In an article about the high-drama world of youth competition dance, written by Lizzie Feidelson, graduate of the program Dina Litovsky provides the accompanying visuals for the narrative.
Excerpt from story: "The second time I met Angelina Velardi she had just lost a baby tooth. It left a gaping hole in her smile, but she liked how it looked: “Now if I show the judges I’m mature, they’ll be more impressed,” she said, happily. Angelina is a 12-year-old competitive dancer, and canny to the ways in which technical acuity and preadolescent pliability can be combined to her advantage. She started competitive dancing less than three years ago.
On a Friday afternoon last spring, Angelina and her teammates from Prestige Academy of Dance arrived at a technical high school in Sparta, N.J., for the Imagine National Dance Challenge, a children’s dance competition. Each girl wore her black uniform and sported the team hairstyle, a low bun gleaming with hair spray. Dina Crupi, Prestige Academy’s 25-year-old studio owner and competition-team director, had chosen the hairstyle for its versatility: It allowed various headpieces and hats to be put on and removed with ease. Crupi still had nightmares about last year’s style, a too-complex choice involving a pouf encircled by braids. While she stood sipping coffee, the girls warmed up around her, brushing their fingers against the athletic-gray lobby walls for balance. With their small heads, shellacked scalps and long necks, the teammates looked elegant and creaturely, like a row of lizards."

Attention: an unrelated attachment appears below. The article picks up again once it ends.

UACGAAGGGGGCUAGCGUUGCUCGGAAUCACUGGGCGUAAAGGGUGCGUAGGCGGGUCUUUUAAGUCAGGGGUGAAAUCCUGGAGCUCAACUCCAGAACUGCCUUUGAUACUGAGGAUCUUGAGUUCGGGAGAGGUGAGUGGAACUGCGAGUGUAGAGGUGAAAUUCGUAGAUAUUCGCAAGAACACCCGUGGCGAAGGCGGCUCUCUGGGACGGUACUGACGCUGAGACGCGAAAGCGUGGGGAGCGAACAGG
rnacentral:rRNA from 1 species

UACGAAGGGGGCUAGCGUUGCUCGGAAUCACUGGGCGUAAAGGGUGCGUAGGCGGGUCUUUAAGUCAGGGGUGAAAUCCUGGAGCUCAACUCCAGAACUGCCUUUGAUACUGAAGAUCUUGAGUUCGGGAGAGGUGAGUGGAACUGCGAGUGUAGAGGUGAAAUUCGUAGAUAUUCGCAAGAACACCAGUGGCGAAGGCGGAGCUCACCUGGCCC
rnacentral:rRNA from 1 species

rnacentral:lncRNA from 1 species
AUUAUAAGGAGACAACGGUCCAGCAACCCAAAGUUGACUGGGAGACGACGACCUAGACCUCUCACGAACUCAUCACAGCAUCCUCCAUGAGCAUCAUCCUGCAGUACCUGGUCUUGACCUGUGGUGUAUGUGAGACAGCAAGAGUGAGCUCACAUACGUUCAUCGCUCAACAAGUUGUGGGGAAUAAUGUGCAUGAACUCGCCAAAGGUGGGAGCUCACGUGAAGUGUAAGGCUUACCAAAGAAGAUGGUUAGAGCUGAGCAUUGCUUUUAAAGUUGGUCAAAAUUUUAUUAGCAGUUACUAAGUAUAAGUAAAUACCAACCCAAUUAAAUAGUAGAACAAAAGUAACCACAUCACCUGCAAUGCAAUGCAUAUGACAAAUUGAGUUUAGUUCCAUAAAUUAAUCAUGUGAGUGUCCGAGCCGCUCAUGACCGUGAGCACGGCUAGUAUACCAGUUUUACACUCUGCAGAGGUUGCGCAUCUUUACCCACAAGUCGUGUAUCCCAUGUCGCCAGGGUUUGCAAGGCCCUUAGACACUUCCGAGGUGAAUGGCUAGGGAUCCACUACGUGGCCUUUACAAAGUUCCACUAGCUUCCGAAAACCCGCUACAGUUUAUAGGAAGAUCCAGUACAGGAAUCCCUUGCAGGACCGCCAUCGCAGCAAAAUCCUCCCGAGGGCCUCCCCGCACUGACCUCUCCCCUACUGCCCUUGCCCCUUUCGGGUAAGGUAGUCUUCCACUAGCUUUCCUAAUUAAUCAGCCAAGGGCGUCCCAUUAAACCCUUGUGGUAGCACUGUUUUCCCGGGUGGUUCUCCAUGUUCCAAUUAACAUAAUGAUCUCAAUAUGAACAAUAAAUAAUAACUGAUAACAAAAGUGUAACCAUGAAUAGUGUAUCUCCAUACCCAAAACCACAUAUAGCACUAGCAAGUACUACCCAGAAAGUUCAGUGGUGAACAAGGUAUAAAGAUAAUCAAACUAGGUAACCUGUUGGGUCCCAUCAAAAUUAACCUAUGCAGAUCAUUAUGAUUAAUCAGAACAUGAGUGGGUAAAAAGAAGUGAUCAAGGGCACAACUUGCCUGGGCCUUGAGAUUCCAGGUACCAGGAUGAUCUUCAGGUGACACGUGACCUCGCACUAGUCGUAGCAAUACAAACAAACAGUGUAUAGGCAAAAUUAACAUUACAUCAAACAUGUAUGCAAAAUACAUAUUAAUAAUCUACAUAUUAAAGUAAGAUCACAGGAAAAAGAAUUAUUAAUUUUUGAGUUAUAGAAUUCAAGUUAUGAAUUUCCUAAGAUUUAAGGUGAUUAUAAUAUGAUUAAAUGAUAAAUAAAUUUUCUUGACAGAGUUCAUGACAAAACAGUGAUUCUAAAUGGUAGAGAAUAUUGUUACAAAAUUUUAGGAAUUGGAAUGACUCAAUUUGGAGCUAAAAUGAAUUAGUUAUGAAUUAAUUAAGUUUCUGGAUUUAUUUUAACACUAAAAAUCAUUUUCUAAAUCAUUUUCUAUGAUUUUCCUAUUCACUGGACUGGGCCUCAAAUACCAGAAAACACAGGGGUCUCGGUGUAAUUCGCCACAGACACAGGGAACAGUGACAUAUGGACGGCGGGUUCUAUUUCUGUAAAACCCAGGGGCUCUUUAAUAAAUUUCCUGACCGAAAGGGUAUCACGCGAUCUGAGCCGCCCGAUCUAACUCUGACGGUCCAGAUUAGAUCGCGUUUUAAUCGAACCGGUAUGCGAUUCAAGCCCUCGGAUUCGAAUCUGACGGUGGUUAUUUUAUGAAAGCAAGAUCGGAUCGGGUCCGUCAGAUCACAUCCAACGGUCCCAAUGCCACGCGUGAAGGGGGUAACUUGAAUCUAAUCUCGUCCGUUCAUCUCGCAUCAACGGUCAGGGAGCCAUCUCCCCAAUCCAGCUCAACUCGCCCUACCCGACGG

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Concurrently, alumni Ryan Pfluger was tasked with photographing human rights lawyer Alka Pradhan in a story (written by Jeffrey E. Stern) about her work with a high profile client, one of five accused Sept. 11 plotters imprisoned at Guantánamo Bay.
Excerpt from story : "When Pradhan flies down to Gitmo, which she does every month or two, her conversations with her client often have less to do with proving his innocence than with what has happened to him since his suspected crimes. One of the first things she learned about Baluchi, before they met, was that the C.I.A. had tortured him, and she has come to believe that America has waterboarded away its ability to convict him. It’s an international norm that countries don’t execute people they have tortured; the Geneva Conventions go as far as to say such prisoners must be rehabilitated. If America executes Baluchi, Pradhan believes, it will cede whatever eroding toehold it has on a moral high ground. Beyond that, what concerns her is that her client is suffering; that he has real physical and psychological injuries from his torture that have yet to be addressed. The way she sees it, by denying him adequate treatment, the government has continued to torture him."
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